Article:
Top Syrian rebel commander Abdul Qadir al-Saleh dies
DAMASCUS – A prominent Syrian rebel leader has died from wounds suffered in an air raid on the city of Aleppo last Thursday, in a blow to the rebels.
Abdul Qadir al-Saleh, the leader of Liwa al-Tawhid, died overnight, a spokesman said. The Tawhid Brigades is backed by Qatar.
Saleh died in a Turkish hospital where he had been taken.
Saleh had been wounded on Thursday when Assad’s forces raided a Tawhid meeting and killed another commander on the spot, opposition sources said.
“We declare the martyrdom of Abdelqader Saleh,” a statement by Tawhid said.
Liwa al-Tawhid is one of the main rebel forces in Aleppo and is estimated to have between 8,000 and 10,000 fighters.
Meanwhile, senior figures from the Syrian regime are in Moscow to discuss plans for a peace conference.
Deputy Foreign Minister Faisal Mekdad led the team, which has been meeting counterparts in the Russian foreign ministry.
Saleh, who was in his 30s, had been working on regrouping fighters in Aleppo before he died. The city, situated 45 kms south of Turkey, was Syria’s commercial hub and most populous city before the uprising against Assad erupted in 2011.
Taking advantage of infighting between rebel groups, Assad’s forces, backed by Shi’ite militia from Iraq and the Lebanese party Hezbollah, have been have been making advances in the north and east of the contested city.
In an interview with the Opposition Orient Television from a battlefield in eastern Aleppo last week, Saleh said: “We will not let Iran and Hezbollah advance except on our dead bodies.”
Saleh, a merchant from the town of Mareh in the countryside north of Aleppo, organized dozens of rebel brigades in the region under the Tawhid banner. A former army conscript, he was known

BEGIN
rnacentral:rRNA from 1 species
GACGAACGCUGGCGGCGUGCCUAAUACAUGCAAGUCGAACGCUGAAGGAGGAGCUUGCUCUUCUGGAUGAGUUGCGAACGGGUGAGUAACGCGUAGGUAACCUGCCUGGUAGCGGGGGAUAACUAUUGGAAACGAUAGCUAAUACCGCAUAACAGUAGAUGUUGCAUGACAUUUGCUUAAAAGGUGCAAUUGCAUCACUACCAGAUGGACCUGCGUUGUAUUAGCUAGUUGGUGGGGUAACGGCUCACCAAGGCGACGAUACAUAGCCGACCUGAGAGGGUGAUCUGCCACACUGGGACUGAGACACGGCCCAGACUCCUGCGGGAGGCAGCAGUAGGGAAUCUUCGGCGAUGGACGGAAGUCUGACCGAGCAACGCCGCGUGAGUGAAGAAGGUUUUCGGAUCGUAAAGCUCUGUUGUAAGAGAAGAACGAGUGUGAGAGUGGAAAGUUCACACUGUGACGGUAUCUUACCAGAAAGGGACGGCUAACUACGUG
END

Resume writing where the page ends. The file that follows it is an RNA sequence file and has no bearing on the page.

as the nom de guerre Hajji Mareh, reports Reuters.
Tawhid issued a statement last week, along with other Islamist formations that included al-Nusra Front, an al Qaeda affiliate, declaring an emergency and summoning all fighters to head to the fronts.
Opposition activists said the declaration was an indication of how grave rebels regarded the possibility of Assad, boosted by his Shi’ite militia allies and Iran, wresting back Aleppo.
But the movement will now have to regroup. The Liwa al-Tawhid say they have appointed Abdul Aziz Salama to succeed Abdul Qadir al-Saleh as military commander.
The Syrian opposition National Coalition told AFP news agency its president had also been invited to visit Moscow at the same time, but had been unable to attend due to prior commitments.
The United States, Russia and the United Nations are trying to convene the much-postponed conference in Geneva to try to end the civil war.
Monday’s meetings follow a telephone call on Thursday between President Vladimir Putin and Syrian President Bashar al-Assad, which the Kremlin said was their first since
Putin returned to the Russian presidency in 2012.
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